But it's clear that there will be meta-game activities and game mechanics that are going to go into skills that aren't just twitch and careful buff selection in the final game, so the game's going to be able to "make you lose due to rules" by design, because it's really not meant to just be a game about Blowing Stuff Up.  What that means is up to Alex, but I am pretty sure he listens to us and tries to give us roughly what he thinks we want, with a bit of unique spin on it.  

Does that always result in perfect gameplay and balance every release?  Not at all; usually that arrives by iteration.  Any of you folks who've done game dev know how that works- you never see a lot of the things players will see unless you have AAA QA and tons of testers; on a system this big you just plain miss stuff.  It's just how it goes and it's OK, we're pointing out issues and Alex will fix them.

But I've gotta say, for all of the newcomers to the game... just wait a bit, you got here after a pretty big update and the next patch release will almost certainly smooth out a lot of the current bumps.  

Alex's record in that regard is quite good; while there are lots of things we can argue about needing nerf / buff and overall balance (and all of us vets like to have fairly silly arguments about that stuff, lol), it'll get there, or at least close enough that if people want more refinement, they can turn to mods.  Gotta note, though, that there aren't any "rebal" mods for this game that have the exclusive goal of cleaning up the minor balance issues at all, though, at least none that are current, so perhaps that's somebody's opportunity to get down in the trenches and buff / nerf things until the low-level mechanics are perfectly polished :)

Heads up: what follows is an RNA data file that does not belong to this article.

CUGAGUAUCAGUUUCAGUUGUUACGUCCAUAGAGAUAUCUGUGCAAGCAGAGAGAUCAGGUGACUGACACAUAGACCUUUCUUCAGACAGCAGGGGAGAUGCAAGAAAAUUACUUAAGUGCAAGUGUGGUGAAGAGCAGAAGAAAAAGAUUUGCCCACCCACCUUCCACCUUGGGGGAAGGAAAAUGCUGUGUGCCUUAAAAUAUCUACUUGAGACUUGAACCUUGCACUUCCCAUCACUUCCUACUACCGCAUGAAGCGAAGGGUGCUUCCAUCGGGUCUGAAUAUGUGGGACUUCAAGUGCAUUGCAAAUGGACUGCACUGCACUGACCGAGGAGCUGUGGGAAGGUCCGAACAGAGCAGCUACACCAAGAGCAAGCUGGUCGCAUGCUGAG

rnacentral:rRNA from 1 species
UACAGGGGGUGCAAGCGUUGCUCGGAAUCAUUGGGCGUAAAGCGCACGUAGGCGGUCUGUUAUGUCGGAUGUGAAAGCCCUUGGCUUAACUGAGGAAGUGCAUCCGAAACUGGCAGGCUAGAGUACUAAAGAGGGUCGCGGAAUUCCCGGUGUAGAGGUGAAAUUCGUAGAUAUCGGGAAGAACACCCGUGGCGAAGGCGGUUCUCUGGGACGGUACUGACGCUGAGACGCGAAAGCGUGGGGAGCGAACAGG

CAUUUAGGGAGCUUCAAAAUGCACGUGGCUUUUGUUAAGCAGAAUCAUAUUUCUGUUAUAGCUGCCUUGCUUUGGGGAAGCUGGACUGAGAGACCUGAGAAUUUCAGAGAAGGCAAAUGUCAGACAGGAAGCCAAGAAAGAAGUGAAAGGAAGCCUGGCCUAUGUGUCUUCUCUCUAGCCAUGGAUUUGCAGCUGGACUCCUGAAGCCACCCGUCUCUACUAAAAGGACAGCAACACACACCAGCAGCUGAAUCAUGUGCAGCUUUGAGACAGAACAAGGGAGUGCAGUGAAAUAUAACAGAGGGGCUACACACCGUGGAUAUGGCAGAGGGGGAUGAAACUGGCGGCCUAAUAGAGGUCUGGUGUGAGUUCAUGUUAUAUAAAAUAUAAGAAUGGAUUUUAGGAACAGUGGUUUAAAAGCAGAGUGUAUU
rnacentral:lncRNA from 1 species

Logged
Please check out my SS projects :)
Xeno's Mod Pack

Debido

  • Admiral
  • *****
  • Posts: 1183
    • View Profile
Re: Combat Readyness isn't fun..
« Reply #357 on: September 26, 2013, 12:02:26 AM »

Thanks for you valuable feedback and analysis Fireball14/DrNoid
O1.1 A tutorial is on part of a larger picture of gameplay experience and difficulty curve.